If they could do it, you can do it. Just practice, and learn your and your equipment's behaviors.
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Here's another aspect of the magazine business: there's no shortage of good ideas for articles. What there always is is a shortage of space, time, and creative energy. I throw away lots of ideas (so does Mike), not because they wouldn't make great columns, but because something else takes precedence. Or, at least, they get perpetually deferred, as something shinier wanders across my mental landscape.
That's been happening to my off-topic columns. The last two were four and six months ago, respectively. I mean, it's not like I'm obligated to write one of those a month, but I'm way behind. Meanwhile, teas, and starships, and graphic novels, and maybe even parrots, are clamoring for space. I'm going to indulge them through the end of the year, as kind of a holiday gift. I won't say every column for the next four weeks will be an "off topic" one; most likely I'll get distracted by some technological shiny along the way. I know my weaknesses. But I'll try for at least three out of four.
Until next time....
Ctein*Or flash with a short enough duration, in situations where it provides all or most of the exposure. —Ed.
Regular columnist Ctein sharpens you up every Wednesday on TOP.
Original contents copyright 2012 by Michael C. Johnston and/or the bylined author. All Rights Reserved. Links in this post may be to our affiliates; sales through affiliate links may benefit this site.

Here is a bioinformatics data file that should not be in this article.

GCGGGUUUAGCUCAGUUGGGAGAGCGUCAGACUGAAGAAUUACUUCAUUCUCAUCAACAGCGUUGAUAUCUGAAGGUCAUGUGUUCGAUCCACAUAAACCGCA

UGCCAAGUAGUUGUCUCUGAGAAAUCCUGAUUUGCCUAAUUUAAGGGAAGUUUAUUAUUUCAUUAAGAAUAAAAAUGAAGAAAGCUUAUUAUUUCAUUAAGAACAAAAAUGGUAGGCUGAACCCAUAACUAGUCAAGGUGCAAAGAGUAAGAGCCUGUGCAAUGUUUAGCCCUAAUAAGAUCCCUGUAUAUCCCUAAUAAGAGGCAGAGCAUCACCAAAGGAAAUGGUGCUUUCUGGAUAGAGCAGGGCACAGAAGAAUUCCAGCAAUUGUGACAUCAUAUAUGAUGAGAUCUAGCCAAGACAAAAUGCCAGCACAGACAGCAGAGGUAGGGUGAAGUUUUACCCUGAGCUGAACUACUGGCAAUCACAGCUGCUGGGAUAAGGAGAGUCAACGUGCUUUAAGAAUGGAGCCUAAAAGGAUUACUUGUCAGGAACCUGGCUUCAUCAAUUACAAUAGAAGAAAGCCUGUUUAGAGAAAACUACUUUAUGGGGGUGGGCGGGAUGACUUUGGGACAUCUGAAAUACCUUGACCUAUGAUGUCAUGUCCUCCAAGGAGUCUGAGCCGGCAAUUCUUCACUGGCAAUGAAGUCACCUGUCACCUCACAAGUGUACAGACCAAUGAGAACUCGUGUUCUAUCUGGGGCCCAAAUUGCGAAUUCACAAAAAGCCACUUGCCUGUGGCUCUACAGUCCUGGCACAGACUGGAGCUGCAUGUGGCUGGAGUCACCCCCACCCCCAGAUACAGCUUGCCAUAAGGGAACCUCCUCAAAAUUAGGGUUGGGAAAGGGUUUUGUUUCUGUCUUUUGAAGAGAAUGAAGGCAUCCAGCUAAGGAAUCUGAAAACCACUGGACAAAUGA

A book of interest today:
(To see all the comments, click on the "Comments" link below.)
Featured Comments from:
Hugh Crawford (partial comment): "My three tricks for sharper handheld slow-shutter-speed photos are: increase the polar moment of inertia of the camera by attaching a collapsed monopod or tripod to the camera, or just bolt a 2x4 to it. If you are using an eye level camera, try to have the camera make firm contact with your head. Holding it upside down with the body pressed against your forehead works. I used to have a small block of wood with a accessory shoe attached that I would put in the hotshoe of the camera so it would make firm contact with my head. You are effectively adding five pounds to the mass of the camera. Of course this works even better if you are a chicken (I'm not kidding; Google 'camera on chicken'). [Seriously, Google it. —Ed.]
"Waist-level viewing with a taut neck strap beats all the above. The best advice for handheld marginal shutter speeds is to shoot three-exposure bursts, then pick the sharpest one later. Usually it turns out to be the second one but not always.
"Tripods work best of course, the heavier the better. (Unless you are on a bridge or a dance floor, where handheld with knees bent works better.) Once upon a time the hot setup was to fill the center column of a Tiltall with lead. If you aren't using a heavy tripod usually exposure times longer than 1/2 second are sharper than 1/4th."